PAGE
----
Subject: 10 appendages
Location: south Texas, Laredo
April 23, 2013 6:40 pm
This is an odd looking spider ? Comes out at night, fast ground runner and aggressive when cornered. About a inch and a half long.
Signature: C. Ritchie


Dear C. Ritchie,
Though these creatures are sometimes called Wind Scorpions or Sun Spiders, they are in their own Arachnid order Solifugae, so Solifugid is a more correct common name.  In some parts of their range, they are called Sand Puppies.  Though they are related to both spiders and scorpions, Solifugids do not have venom, so they are harmless, though the bite of a large Solifugid might draw blood.  In the Middle East where they are known as Camel Spiders, they grow much larger than they do in North America, and despite the numerous myths associated with they, they are nonetheless not dangerous creatures.  As your email indicates, they are nocturnal and they are hunters that will quickly dispatch much larger prey.  We receive many photos of dead Solifugids because they appear so frightening.  See BugGuide for additonal information.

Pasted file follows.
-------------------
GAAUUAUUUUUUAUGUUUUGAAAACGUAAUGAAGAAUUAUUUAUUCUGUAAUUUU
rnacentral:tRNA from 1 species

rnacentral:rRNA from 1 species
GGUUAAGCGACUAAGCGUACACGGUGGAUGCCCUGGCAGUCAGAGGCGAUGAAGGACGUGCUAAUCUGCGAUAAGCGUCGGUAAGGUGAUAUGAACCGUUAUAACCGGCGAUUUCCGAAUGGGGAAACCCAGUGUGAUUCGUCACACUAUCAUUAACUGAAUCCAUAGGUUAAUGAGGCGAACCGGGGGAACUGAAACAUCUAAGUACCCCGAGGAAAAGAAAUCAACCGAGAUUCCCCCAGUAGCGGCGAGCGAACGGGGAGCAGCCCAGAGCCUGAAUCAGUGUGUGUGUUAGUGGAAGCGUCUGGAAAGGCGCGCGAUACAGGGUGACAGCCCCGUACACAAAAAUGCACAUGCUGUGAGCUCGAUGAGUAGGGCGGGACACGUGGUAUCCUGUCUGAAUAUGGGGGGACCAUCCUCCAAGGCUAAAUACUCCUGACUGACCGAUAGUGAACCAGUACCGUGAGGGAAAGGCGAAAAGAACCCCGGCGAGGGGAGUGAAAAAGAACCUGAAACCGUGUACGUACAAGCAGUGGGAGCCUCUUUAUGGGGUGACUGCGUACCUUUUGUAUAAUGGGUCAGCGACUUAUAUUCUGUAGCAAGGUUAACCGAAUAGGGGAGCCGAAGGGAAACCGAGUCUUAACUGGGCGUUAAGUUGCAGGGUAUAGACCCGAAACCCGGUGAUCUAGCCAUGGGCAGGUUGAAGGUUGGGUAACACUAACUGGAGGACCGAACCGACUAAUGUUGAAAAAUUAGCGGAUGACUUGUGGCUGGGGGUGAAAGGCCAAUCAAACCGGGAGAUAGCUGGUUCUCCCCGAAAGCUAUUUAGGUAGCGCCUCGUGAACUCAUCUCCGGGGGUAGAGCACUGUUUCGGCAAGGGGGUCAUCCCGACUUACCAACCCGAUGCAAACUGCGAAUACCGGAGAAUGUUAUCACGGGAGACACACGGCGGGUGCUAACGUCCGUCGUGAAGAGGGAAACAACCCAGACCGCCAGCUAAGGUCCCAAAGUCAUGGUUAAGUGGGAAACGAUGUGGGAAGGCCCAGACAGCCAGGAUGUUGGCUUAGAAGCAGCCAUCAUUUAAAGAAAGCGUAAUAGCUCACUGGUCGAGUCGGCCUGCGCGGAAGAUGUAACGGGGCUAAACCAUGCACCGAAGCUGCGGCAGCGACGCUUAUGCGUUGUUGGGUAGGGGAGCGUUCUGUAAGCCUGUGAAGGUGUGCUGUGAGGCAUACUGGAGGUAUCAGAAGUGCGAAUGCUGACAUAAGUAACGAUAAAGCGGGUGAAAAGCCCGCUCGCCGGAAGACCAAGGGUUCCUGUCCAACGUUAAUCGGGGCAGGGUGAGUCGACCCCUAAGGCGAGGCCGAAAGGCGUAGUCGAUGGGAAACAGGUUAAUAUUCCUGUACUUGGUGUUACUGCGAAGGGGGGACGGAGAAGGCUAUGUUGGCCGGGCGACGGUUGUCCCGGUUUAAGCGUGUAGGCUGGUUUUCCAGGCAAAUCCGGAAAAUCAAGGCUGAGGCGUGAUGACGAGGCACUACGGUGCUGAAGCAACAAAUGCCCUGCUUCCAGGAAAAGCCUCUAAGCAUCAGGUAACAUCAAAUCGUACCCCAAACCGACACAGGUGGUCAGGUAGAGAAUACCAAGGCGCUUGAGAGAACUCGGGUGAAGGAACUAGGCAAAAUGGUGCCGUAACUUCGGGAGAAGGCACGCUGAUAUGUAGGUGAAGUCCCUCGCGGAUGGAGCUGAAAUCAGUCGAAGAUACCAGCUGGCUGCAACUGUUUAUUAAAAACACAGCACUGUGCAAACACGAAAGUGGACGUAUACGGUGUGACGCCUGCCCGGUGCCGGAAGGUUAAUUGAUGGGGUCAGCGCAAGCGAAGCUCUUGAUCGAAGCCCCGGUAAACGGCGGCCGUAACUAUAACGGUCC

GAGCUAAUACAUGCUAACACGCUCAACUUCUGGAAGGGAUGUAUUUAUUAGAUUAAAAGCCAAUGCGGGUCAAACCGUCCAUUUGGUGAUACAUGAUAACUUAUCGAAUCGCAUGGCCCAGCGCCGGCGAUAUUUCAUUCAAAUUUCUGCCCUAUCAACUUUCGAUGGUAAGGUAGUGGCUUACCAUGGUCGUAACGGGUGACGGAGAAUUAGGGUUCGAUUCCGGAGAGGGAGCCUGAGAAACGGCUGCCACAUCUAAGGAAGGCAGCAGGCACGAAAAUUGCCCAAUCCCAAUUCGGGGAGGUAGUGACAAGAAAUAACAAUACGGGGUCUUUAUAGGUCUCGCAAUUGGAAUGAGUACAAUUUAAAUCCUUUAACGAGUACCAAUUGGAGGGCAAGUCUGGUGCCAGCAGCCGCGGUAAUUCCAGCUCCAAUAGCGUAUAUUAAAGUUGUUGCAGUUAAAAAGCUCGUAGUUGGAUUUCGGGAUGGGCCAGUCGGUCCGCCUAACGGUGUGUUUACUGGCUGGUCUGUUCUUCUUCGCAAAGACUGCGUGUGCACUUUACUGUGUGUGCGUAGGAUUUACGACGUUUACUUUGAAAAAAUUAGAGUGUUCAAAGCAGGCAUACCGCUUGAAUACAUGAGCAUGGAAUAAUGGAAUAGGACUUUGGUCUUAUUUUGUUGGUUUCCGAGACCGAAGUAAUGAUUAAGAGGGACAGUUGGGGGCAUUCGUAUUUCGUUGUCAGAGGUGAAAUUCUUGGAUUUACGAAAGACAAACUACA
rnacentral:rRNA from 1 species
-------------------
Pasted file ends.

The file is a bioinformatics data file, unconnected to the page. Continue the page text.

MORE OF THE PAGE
2 thoughts on “Solifugid”

  1. we were just finishing our 4th of july bar-b-que, and filling our pool at about 11:30 p.m. , feeling pretty happy that we had all of that finally under our belt, long story, we were sitting there eating some awesome grub, out of the corner of both of our eyes something moving quite quickly came into view, we both almost jumped out of our skin as they say; this thing was three feet long and two feet wide, well not exactly, really only two inches long, but scared the you know what out of us!!! it was a solifugid trying it’s hardest to get under our back door which has an inch gap, that we have been fighting since we moved in !! it’s pretty much blocked but still this guy was trying, i don’t like killing any living thing but, this guy had to go, i mean we’ve had a few in our house already, just babys, compared to this guy so seeing his size and ambition i went into battle ! and this guy did not go easily at all, sparing the details, it took some doing, i have much respect for these earthbound animals!!!

  2. Hello, i thought i’d let you know the genus of this windscorpion.

    she’s (its a female) an Eremorhax species, a large bulky genus found in california, new mexico, arizona, and texas. I do not know the species, however.

    The excessively fuzzy body, enormous chelicerae, and short stubby legs- somewhat similar in appearance to the old world genus- rhagodes makes it easy to id to genus.


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